How the American West Came to Liberate Europe in World War II

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"The Liberator" lands on Netflix on Veterans Day 2020. (Netflix)

When "The Liberator" drops on Netflix this Veterans Day, the first thing people will talk about is how it was presented in Trioscope Enhanced Hybrid Animation -- which, admittedly, is pretty cool.

But after watching the movie, what viewers will be left with is the story of a group of extraordinary men who fought their way across Nazi-controlled Europe, ultimately liberating the notorious Dachau concentration camp.

The soldiers in "The Liberator'' were from the 157th Infantry Regiment of the 45th Infantry Division -- also known as the "Thunderbirds."

"The Liberator" is based on a 2012 book by Author Alex Kershaw, called "The Liberator: One World War II Soldier's 500-Day Odyssey from the Beaches of Sicily to the Gates of Dachau."

Led by Felix "Shotgun" Sparks, the citizen soldiers of the 157th were a motley group of white cowboys, Meixcan-Americans and American Indians representing some 52 tribes. They were also one of the few Army National Guard Divisions to be federalized to see action in World War II.

In those 500 days, they definitely saw action. The 45th Infantry Division's war record reads almost like a history book of the most important battles in the European campaigns. They landed at Sicily with Lt. Gen. George S. Patton's 7th Army. They fought at Salerno, Anzio and invaded Southern France during Operation Dragoon.

With this kind of combat experience, the 157th became a force to be reckoned with. Capt. Sparks and the 157th began the long march to the heart of Nazi Germany. The Thunderbirds called the Nazi retreat a "footrace" back to the Siegfried Line, a series of guns and fortifications the Allies would have to take to enter Germany.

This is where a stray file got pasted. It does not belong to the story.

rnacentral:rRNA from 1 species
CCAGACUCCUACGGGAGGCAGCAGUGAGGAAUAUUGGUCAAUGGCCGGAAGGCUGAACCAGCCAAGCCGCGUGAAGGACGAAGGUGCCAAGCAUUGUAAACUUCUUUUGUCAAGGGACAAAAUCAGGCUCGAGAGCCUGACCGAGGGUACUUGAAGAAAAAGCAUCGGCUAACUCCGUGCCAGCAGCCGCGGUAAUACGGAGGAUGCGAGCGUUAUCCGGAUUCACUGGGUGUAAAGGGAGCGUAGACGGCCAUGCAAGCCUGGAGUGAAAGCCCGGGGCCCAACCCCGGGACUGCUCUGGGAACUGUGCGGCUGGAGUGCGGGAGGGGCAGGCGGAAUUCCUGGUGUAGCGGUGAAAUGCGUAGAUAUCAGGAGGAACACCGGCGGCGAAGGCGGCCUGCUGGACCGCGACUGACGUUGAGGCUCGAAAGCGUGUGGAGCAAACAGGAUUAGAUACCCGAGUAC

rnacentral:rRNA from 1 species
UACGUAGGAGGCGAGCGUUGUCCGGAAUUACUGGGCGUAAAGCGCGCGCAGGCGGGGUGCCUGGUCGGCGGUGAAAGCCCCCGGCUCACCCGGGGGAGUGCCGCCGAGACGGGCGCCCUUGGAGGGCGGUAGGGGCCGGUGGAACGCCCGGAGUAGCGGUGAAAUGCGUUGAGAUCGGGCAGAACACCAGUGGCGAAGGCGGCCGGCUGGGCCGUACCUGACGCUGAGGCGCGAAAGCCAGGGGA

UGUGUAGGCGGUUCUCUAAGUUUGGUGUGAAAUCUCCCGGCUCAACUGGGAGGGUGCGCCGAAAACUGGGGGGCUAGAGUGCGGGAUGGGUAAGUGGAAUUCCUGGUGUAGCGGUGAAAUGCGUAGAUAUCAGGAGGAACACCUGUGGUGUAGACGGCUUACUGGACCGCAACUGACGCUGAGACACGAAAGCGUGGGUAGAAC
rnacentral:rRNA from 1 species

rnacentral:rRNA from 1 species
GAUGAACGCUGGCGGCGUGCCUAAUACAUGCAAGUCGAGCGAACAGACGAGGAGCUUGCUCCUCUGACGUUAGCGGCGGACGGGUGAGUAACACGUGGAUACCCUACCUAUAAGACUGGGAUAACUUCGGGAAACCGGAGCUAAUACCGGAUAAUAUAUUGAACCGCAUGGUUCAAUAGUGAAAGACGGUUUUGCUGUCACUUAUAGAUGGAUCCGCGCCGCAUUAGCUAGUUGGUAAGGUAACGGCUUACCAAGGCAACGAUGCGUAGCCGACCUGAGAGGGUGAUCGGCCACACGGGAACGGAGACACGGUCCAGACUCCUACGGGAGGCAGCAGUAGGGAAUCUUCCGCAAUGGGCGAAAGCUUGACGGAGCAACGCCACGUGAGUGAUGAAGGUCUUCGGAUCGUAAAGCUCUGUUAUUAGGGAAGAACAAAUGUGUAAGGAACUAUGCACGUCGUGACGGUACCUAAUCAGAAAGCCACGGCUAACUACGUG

Just 364 days after starting their deployment in World War II, the 45th Infantry Division fired its first artillery shells into Nazi Germany. But crossing the Siegfried Line didn't mean the Nazis would just crumble and fall away. The fighting across the Rhine and into Germany led to a brutal, close-quarters 10-day street fight with the Nazi SS at the city of Aschaffenburg -- Hitler's last "Fortress City."

After repelling the last remnant of the German offensive known as "the Battle of the Bulge," the 157th and the rest of the 7th Army poured into Germany. The Thunderbirds fought their way across enemy territory toward Nurnberg and ultimately Munich: the birthplace of Nazism.

It was after taking Munich that the 157th earned its most notable distinction. They were the first on the scene to liberate the notorious Nazi death camp at Dachau. Again, they fought SS guards resisting capture. Like all Americans who freed the prisoners held at Nazi concentration camps, they were horrified at what they found there.

Former prisoners liberated from the Dachau Concentration Camp cheer at the raising of the Stars and Stripes, April 1945. (U.S. Army)

The 157th spent almost two years overseas and spent some 470 days in combat, earning 4 Medals of Honor, 20 Distinguished Service Crosses, 376 Silver Stars, 1,054 Bronze Stars, and 1,694 Purple Hearts.

Sparks, who came to lead the 157th after enlisting in 1935, would spend a total of ten years in the active duty Army but would continue his service in the Colorado National Guard, eventually earning the rank of Brigadier General. In 2007, he died at age 90.

-- Blake Stilwell can be reached at blake.stilwell@military.com. He can also be found on Twitter @blakestilwell or on Facebook.

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